2. Saying that somebody deserves something more than another. The point of this post is for me to explain that nobody deserves anything but IF something fortunate or extremely positive WAS to happen to somebody then I see nothing wrong with judging who is more deserving of being the benficiary of that luck. Example: a struggling, honest working-class family is more deserving of a freak lottery win over a millionaire who still buys tickets because they still aren’t satisfied with their needlessly bloated bank balance.

What I actually want to address are all the whiny moaners with first-world problems, banging the woe-is-me drum and telling people that they “don’t deserve this” or that they DO in fact “deserve this to happen”. I should know because I used to be a whiny, entitled moaner myself before waking up a little bit more and realising some harsh truths.

It’s a problem born of negative mindsets such as entitlement, jealousy and pure ignorance. We’ve all heard people proclaiming that they deserve things and if you stop to consider their words then you may conclude that they are really fucking irritating “look at me” people who believe that their life is shit and perpetually swirling around in a shit-stained toilet bowl, destined for an appointment with the Sewer God. You may well have already reached this conclusion and elected to minimise your time around these people to try and limit the amount of unhelpful negativity that can – and will – rub off on you. We all know people like this.

There’s the unlucky-in-love guy that mopes around saying “I really deserve a girlfriend by now”

There’s the work-shy woman who does nothing to get a better job or stop blowing so much money on rubbish, all the while telling her friends that she deserves to have more money.

There’s that person we all know who is completely blind to what they DO have in their lives and eternally bleats on about how “nothing good ever happens” to them. These people also tend to come out with the old classic, “it’s about time I had some good luck”.

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[image: metrocebu.news]
There are a few harsh truths and points that I’d like to make to anybody who thinks like this, some of which helped me. I’m not saying that I’m a successful or “reborn” person at all. Fucking far from it. I consider myself to still be at the beginning of my own journey of development but I do feel that I have at least woken up to these truths and driven off a lot of those unattractive, entitled misconceptions.

  1. If you want something, you have to go out and get it. Obviously, putting this into practice is a completely different thing but the first step is to accept this truth. Yes, there is such a thing as freak luck but sitting around waiting for the chaotic element of life’s fabric to randomly toss you a bone is a fool’s game. If you want more money then you have to go and earn it. If you want to be better at flirting with girls or have more success getting laid then you have to practice, practice, practice. If you want to overcome an obstacle then you have to be prepared to tackle it.
  2. Shit happens. Sometimes it feels like shit is happening to you more than it is to your friend or that cocky mofo at work but shit happens to everybody. The difference is that those who seem to be able to dodge the brown bullets probably aren’t walking around moaning all the time. It’s okay to feel shit or to acknowledge that something that happened to you was crappy but dwelling on it for too long, over-analysing or – worst of all – believing that life is out to trip you up at every corner really won’t help.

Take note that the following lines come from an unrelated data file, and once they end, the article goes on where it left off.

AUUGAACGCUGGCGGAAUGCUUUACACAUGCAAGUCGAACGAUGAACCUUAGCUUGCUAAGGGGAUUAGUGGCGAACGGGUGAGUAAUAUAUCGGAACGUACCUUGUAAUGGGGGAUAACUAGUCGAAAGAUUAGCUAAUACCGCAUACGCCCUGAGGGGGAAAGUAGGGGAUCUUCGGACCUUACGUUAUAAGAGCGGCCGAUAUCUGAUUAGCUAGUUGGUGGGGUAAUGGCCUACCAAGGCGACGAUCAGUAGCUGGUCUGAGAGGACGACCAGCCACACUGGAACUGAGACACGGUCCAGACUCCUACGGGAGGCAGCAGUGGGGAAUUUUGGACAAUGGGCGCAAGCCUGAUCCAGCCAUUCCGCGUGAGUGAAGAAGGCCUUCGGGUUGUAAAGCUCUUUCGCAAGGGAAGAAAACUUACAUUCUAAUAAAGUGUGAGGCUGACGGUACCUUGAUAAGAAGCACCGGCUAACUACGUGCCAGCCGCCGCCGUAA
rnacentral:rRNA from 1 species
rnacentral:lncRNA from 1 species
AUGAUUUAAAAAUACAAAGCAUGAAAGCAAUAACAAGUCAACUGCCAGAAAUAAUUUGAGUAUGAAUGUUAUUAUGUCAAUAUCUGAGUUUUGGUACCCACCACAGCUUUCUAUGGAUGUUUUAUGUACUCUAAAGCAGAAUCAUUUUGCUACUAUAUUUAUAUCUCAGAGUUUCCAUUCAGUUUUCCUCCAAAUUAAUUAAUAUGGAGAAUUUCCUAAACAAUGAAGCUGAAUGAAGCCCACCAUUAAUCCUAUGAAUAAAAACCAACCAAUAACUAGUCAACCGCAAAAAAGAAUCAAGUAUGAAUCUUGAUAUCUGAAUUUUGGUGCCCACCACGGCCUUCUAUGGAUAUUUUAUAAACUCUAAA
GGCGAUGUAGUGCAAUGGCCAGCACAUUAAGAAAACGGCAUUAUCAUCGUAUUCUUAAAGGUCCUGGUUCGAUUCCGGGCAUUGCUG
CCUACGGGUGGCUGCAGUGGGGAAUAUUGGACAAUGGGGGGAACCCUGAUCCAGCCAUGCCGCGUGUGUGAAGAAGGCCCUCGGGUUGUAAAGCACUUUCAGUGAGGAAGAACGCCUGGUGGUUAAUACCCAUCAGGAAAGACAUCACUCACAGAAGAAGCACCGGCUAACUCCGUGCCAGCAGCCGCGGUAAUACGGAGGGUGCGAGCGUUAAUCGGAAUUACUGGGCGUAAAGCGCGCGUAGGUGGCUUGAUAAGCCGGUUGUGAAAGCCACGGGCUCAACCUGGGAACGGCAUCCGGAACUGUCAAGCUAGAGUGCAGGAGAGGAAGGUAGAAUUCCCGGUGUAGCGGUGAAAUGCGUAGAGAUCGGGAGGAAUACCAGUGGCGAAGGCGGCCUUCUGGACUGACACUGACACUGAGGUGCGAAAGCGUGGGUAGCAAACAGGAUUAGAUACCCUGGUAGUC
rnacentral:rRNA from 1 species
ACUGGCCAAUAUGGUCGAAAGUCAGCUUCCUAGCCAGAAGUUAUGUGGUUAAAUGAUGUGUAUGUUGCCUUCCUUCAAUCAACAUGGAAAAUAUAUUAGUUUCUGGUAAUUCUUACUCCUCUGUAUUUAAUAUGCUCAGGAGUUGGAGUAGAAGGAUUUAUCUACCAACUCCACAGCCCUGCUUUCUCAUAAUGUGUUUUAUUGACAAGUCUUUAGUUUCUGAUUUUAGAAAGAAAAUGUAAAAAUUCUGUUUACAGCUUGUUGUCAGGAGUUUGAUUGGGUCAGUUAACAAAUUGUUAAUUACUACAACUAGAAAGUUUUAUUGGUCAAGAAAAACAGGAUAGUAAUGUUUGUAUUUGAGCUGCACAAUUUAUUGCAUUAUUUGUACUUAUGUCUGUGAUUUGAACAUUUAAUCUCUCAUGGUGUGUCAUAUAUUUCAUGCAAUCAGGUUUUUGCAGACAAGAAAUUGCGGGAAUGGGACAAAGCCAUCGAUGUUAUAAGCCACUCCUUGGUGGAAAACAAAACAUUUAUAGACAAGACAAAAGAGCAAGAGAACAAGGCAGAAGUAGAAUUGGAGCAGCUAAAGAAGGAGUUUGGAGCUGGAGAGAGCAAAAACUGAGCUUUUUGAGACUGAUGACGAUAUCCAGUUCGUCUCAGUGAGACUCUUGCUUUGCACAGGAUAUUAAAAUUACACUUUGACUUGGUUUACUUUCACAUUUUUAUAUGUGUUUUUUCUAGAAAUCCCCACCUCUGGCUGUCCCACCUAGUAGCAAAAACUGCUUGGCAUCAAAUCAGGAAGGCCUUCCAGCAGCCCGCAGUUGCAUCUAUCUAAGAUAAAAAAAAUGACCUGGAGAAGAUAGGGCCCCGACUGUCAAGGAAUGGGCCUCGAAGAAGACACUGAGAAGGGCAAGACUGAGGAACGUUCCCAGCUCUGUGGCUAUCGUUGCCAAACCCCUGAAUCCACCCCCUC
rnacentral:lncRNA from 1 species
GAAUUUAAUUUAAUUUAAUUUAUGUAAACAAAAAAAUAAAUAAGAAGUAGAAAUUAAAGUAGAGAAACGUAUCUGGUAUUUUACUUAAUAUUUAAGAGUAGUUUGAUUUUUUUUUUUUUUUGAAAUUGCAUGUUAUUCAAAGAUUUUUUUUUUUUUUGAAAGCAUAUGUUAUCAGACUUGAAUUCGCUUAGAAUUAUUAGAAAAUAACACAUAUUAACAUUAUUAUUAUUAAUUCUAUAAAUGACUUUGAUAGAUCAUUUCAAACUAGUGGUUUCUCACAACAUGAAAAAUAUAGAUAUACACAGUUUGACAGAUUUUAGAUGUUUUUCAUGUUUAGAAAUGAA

3. You are not special. What gives you the right to state that you deserve something? What have you done to earn that something? You need to realise that there is no universal force that sees an individual injustice and decides to step in and console the person with a reward for suffering it. It would be fantastic if such a thing were true but it isn’t.

The absolute worst people in my mind are those who believe their life is terrible when others, looking in from the outside, can see different. Most of us here in the western world have a roof over our heads, jobs to go to (regardless of how ‘good’ they are) and easy access to food/water. A lot of us get up every morning without fail and aren’t afflicted with diseases or horrible conditions and yet still we moan, moan, moan. I had a brief moment of relapse last week where I thought something along the lines of “my job is shit and I’ve had enough”. Then I saw a homeless man sitting in the doorway of a shop with a handmade sign telling passers by that he used to serve the country in the armed forces. I gave myself a metaphorical slap and reminded myself that there is absolutely nothing for me to be complaining about. I can only imagine what a homeless person’s reaction would be to the whining of a middle-class person with a home, car, family and job. It must sound utterly disgusting and hellishly ignorant.

The bottom line is that nobody deserves anything. Yes, there are people amongst us who deserve nice things more than others but the reality is that there are no free handouts. Complaining won’t change a thing and you will be forever miserable unless you start acknowledging the things that you do have and start working to get to where you want to be.

It’s time to wake up.